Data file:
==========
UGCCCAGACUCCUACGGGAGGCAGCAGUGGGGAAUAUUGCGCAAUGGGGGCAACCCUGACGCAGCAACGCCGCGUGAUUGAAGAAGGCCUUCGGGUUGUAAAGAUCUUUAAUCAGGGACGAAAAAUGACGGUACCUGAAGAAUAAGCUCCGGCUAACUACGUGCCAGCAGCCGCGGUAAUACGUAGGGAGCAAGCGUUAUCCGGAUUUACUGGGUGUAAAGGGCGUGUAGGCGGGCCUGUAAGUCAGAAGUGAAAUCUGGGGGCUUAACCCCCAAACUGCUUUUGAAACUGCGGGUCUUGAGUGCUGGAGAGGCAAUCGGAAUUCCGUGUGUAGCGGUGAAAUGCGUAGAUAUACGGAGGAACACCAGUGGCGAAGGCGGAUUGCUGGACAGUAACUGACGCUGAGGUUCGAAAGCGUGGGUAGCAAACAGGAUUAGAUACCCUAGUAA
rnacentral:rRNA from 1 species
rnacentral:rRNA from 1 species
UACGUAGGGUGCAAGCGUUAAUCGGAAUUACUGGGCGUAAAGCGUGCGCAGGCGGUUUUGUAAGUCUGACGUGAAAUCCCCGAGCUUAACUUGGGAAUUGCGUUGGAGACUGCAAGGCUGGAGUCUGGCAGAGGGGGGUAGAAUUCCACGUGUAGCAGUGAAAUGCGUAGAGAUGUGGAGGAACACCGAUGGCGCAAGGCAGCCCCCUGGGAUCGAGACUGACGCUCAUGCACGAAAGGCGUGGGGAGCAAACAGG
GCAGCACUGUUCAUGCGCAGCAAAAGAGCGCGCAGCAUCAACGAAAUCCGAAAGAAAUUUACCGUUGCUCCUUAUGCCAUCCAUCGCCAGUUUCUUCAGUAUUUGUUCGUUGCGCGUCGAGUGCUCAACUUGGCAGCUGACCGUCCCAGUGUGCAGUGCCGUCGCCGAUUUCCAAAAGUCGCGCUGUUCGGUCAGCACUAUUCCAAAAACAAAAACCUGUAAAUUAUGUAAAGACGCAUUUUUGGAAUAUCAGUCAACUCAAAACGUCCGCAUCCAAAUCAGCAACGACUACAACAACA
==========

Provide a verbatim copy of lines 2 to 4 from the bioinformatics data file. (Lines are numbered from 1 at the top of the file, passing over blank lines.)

rnacentral:rRNA from 1 species
rnacentral:rRNA from 1 species
UACGUAGGGUGCAAGCGUUAAUCGGAAUUACUGGGCGUAAAGCGUGCGCAGGCGGUUUUGUAAGUCUGACGUGAAAUCCCCGAGCUUAACUUGGGAAUUGCGUUGGAGACUGCAAGGCUGGAGUCUGGCAGAGGGGGGUAGAAUUCCACGUGUAGCAGUGAAAUGCGUAGAGAUGUGGAGGAACACCGAUGGCGCAAGGCAGCCCCCUGGGAUCGAGACUGACGCUCAUGCACGAAAGGCGUGGGGAGCAAACAGG